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  • Tosevite 187により編集済み: 3/2/2018 6:57:12 AM
    [quote][quote]A monopoly price is not simply any price a monopolist sets. A monopoly price is the exact price that maximizes profits, ie it needs to be calculated. Again it’s a theoretical concept but if you say the government isn’t cost conscious because they don’t need to be, they also would have no incentive to set a true monopoly price.[/quote] You are misunderstanding...the point isn't to identify some "objectively calculated" price...Rather to just describe two different incentive structures between the monopoly and a competitive market, and how a market is preferred in every situation in supplying much demand goods and services. Also, take for example patent holders. Patents grant temporary legal rights to exclude others from production of the patented good...The point is that we know generally the price will tend to be higher then a market driven situation. The question I put forth earlier: What could such a monopolists possibly do better than a spontaneous market? The states lack of a pricing mechanism is a different discussion, and one that ties in with the states inability to perform economic calculation.[/quote] I’m not misunderstanding anything. You even say in your OP[quote] Unless monopoly price is achieved, the use of the term monopoly is moot[/quote] For monopoly price to be achieved it has to be calculated. Basic micro can demonstrate how monopolies are inefficient among other things and through government interference breaking up said monopolies the market becomes more efficient (if only that’s all the government did) Patents are a whole discussion in and of themselves to throw ourselves into that I think is a little off topic and really is more philosophical than economic. Does the temporary inefficiency created by allowing a monopoly to form under a patent out weigh the lack of incentive to invest in research and new technologies? To answer you question in the context of patents [quote] What could such a monopolists possibly do better than a spontaneous market?[/quote] By allowing a level of profitability it incentivize innovation. Why would I ever spend millions of dollars in R&D for a medication when the second it goes to market you spend a few thousand to reverse engineer it and produce it yourself. So to answer your question a patent monopolist creates a market that would not have been created without intellectual protection.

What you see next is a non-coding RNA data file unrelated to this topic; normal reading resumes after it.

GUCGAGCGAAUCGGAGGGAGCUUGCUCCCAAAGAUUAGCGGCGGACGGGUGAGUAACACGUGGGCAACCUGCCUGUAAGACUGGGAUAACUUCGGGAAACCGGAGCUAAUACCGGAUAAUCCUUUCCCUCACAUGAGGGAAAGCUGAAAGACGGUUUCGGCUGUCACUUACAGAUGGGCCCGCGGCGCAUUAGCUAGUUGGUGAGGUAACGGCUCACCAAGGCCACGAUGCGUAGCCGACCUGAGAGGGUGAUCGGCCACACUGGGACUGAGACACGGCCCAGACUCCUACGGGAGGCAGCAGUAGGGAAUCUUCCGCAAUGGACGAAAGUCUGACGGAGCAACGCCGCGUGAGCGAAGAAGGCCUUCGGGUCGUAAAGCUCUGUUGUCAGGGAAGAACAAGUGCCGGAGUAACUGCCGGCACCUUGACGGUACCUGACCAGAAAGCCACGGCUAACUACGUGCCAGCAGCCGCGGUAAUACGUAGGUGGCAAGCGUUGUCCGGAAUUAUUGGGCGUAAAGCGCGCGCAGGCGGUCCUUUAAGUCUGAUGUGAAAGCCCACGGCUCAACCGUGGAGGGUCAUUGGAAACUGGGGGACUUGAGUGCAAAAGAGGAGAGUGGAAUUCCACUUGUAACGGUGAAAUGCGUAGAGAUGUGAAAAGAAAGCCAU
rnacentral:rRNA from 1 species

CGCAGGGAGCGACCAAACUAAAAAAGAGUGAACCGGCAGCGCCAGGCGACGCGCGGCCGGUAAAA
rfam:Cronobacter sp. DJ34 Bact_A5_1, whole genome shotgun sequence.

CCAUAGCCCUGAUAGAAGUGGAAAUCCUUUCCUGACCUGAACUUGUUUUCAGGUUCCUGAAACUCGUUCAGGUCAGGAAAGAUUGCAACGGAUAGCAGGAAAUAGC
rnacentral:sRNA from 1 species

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  • SpiRitsにより編集済み: 3/2/2018 7:34:59 PM